(5e) Dragontongue

By Matthew Maaske
Games What Games
Level 1

Many have heard the songs sung by the bards about Justin the Vindicator and the heroic deeds that he performed with his magical sword, Dragontongue. But the sword once had a different name when it was forged by the dwarves and was used by their own in defense of their lands. Now the dwarves want Dragontongue returned to them. But where is the sword now?

This ten page adventure describes a twelve room tomb with bandits and an undead guy. It has a good idea or two but also has the usual 5e bloat and makes bad choices in presenting the text of the adventure.

Dwarf hires you to go find the sword, buried with a knight. Seems it was once a dwarf relic before the knight took it. Just find it, that’s all. Look around. It’s in a burial mound six miles away. The mound is guarded by a senile knight of an almost disappeared order.

That encounter is the primary bright spot of this adventure. He guards the entrance, and is lawful good. How do you reconcile that with your charge? He’s senile, so you could trick him … how does tricking a LG knight in order to grave rob/enter the tomb of a famous knight strike you? It strikes me as some good roleplay. Mostly. There’s always the possibility that the party WON’T talk themselves in to it. In which case … there’s a band of brigands that have dug a hole in the tomb on the backside. I might have suggested a few words about what to do/how to use the brigands to solve the moral issue if the party talks themselves out of it, but, whatever.

This is the primary high point of the adventure. There’s some business about trapdoors and mirrors and levers controlled by the leader, which should provide some interest, but it’s mostly just a plain old ordinary small dungeon complex. Bandits, an undead guy on a throne in the basement, the usual.

But the choices made in presentation turn it from “meh” to “pain.”

First, there’s the use of a small font AND combined with italics … it’s a pain to read through. Italics should almost NEVER be used, and certainly not for large chunks of text. Yes, I know lots of adventures do it. Italics is a pain to read in large chunks. Don’t do it.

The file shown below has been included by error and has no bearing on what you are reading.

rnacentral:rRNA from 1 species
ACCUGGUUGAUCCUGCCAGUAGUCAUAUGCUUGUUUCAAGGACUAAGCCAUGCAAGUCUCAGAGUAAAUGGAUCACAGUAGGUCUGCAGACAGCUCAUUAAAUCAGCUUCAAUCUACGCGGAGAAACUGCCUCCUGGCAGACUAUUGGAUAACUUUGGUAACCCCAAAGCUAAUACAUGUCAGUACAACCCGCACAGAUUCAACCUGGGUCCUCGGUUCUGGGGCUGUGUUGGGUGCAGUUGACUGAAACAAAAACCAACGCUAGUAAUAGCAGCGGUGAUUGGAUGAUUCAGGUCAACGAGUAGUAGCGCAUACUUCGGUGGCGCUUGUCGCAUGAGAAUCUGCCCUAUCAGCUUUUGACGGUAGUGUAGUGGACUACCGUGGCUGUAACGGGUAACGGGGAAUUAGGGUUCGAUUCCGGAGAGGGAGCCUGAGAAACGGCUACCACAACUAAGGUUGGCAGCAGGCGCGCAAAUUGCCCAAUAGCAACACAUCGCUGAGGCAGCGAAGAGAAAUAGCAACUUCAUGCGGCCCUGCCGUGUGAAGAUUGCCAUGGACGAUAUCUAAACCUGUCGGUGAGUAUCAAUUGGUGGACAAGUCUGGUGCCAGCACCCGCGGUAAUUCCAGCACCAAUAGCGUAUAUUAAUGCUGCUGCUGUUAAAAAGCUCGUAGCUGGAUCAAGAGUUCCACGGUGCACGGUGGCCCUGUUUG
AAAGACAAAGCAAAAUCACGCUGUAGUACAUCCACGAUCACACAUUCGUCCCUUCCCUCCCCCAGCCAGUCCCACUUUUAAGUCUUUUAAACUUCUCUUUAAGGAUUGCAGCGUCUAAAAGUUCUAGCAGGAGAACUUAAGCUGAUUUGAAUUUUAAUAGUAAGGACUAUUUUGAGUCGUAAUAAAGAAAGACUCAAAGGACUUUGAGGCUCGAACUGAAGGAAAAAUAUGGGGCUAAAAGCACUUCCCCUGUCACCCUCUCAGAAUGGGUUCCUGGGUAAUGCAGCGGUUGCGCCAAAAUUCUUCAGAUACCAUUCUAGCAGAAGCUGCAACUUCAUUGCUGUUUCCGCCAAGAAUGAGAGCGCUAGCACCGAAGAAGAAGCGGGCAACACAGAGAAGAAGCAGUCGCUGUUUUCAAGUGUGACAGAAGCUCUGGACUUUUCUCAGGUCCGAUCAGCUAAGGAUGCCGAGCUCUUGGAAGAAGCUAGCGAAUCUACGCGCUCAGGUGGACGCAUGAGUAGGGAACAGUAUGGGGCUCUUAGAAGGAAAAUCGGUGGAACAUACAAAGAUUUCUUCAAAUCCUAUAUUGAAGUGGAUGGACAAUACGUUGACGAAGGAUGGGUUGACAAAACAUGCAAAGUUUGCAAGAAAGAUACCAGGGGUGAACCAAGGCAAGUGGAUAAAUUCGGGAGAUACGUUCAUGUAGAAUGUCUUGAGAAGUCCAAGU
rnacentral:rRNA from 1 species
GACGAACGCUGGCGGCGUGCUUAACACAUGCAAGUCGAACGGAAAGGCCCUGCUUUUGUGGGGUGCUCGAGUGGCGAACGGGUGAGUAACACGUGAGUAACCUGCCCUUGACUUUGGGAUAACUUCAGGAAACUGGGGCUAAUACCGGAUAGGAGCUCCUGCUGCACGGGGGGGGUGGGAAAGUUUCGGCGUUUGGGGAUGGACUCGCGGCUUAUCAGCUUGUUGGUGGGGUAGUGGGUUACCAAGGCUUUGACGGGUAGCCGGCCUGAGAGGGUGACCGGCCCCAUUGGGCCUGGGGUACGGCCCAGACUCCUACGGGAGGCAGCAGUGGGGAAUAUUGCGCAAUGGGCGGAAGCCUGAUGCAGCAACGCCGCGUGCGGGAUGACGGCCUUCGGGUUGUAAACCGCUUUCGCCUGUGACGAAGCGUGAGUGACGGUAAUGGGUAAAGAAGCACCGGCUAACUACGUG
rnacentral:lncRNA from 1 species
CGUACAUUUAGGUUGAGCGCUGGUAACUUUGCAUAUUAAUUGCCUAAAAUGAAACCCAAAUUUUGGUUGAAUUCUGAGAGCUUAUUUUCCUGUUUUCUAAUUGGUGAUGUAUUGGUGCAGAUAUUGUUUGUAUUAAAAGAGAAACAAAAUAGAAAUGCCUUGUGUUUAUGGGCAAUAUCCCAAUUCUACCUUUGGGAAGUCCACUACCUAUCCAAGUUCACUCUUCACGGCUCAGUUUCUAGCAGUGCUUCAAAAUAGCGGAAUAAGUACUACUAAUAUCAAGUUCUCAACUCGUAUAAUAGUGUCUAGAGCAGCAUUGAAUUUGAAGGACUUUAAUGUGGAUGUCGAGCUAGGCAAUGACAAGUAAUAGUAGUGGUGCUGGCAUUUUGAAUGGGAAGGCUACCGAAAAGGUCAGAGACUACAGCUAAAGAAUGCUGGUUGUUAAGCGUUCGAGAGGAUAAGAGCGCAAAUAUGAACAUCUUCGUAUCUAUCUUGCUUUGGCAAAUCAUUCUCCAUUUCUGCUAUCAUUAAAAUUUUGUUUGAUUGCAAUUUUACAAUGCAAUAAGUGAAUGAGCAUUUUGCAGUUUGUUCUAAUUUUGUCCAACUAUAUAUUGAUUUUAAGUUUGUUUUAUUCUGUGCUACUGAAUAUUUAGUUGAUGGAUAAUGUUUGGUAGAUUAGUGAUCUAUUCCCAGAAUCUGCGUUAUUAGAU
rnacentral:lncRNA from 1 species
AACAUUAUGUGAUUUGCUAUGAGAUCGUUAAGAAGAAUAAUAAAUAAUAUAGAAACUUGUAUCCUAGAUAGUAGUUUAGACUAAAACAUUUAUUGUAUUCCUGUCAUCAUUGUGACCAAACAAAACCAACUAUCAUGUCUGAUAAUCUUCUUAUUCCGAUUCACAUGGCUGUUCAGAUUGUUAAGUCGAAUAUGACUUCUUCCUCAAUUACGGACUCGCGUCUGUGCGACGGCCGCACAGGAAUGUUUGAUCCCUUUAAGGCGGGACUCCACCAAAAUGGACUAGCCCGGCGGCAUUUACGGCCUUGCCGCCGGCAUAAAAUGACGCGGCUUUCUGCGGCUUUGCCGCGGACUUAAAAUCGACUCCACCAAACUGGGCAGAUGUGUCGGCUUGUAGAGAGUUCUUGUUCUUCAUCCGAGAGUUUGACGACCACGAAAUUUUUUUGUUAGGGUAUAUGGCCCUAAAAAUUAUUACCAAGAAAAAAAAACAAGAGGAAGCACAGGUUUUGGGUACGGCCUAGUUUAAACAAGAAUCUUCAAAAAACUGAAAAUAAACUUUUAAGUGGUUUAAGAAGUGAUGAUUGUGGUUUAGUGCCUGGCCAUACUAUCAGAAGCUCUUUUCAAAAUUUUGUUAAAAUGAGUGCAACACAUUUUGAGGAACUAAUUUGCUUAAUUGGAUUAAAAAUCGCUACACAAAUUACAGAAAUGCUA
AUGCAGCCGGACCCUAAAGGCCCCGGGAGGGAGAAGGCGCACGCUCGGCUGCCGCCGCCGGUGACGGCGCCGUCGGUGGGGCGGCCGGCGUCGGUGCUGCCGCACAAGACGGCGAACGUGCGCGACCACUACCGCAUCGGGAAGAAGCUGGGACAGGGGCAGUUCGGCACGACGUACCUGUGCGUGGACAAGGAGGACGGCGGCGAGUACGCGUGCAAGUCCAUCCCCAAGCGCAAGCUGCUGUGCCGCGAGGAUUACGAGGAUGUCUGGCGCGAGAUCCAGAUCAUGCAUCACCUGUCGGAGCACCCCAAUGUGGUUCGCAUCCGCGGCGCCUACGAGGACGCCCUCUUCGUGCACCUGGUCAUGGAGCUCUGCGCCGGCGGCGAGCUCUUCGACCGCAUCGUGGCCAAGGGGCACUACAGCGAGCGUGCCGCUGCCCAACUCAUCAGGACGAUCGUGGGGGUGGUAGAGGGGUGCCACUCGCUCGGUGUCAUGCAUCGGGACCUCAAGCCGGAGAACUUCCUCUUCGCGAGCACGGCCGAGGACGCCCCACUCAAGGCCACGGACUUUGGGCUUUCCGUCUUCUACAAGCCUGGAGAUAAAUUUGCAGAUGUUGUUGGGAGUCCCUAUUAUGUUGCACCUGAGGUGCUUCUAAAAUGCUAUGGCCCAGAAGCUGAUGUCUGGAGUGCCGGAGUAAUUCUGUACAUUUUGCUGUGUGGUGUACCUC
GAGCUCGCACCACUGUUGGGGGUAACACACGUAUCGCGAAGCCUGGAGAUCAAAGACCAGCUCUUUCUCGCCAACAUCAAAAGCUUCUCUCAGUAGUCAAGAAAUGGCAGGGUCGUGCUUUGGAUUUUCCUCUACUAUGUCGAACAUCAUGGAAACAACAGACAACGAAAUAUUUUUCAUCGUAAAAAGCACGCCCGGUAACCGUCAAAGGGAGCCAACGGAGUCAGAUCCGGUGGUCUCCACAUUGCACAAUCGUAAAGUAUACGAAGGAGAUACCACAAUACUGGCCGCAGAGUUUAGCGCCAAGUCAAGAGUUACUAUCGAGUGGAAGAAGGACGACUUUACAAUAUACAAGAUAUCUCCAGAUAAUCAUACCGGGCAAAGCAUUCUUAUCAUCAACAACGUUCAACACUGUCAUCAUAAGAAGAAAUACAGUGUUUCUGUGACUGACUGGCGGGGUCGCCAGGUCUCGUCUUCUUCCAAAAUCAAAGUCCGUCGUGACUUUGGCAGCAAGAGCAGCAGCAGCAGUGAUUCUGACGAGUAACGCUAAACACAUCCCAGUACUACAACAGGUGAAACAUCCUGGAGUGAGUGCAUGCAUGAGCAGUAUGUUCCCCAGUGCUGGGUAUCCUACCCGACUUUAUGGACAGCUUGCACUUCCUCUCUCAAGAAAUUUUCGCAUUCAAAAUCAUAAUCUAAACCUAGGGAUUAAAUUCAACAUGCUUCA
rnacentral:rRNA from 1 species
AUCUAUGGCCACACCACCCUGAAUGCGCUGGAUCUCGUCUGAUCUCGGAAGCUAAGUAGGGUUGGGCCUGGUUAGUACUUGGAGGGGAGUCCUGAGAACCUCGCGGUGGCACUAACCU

The read-aloud, when it’s not a column long chunk of italics, engages in some dubious behaviour. We’re told that there’s dust on the floor. Then it also has “Some of the dust has been disturbed.” NO! NO NO NO! You save that shit for when the players ASK about the dust. “I examine the dust.” h, ok, then some of it looks like it has been disturbed. There’s supposed to be a back and forth between the DM and players. You don’t abstract things that contribute to play. That’s why this is ten pages and not a one sentence adventure: “You go the mound, trick an old knight, fight bandits and an undead guy and then retrieve the sword. 300xp each.”

The rooms also do weird things with the DM text. It takes three paragraphs to describe a tripwire crossbow trap. Seriously? Or, how about the single dire wolf you encounter … which then takes pains to tell us that dire wolfs get advantage if they fight in a pack. But that just means the designer copy/pasted some shit in. There’s only one wolf. Why the fuck would you include that? It all feels sloppy and not put together. AN order of battle for the bandits? No, they just wait in their rooms to get hacked down.

There’s not much interesting in this. The knight, maybe the leaders use of trap doors and mirrors and levers. That would make it just “the usual adventure” (meaning it would be better than 95% of the dreck published today.) But then it go forward with the italics, read-aloud, weird and lengthy text padding … It’s just not worth it to dig through to try and run it.

This is $2 at DriveThru. The preview is only three pages long and the only one of ANY value is the last one. It’s a good example of the italics/small font and lengthy text, but it doesn’t really show you a room and the text here is less focused than the room/key encounters.

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One Response to (5e) Dragontongue

  1. mikemonaco says:

    “Deebs from the arcane epoch” Deebs.

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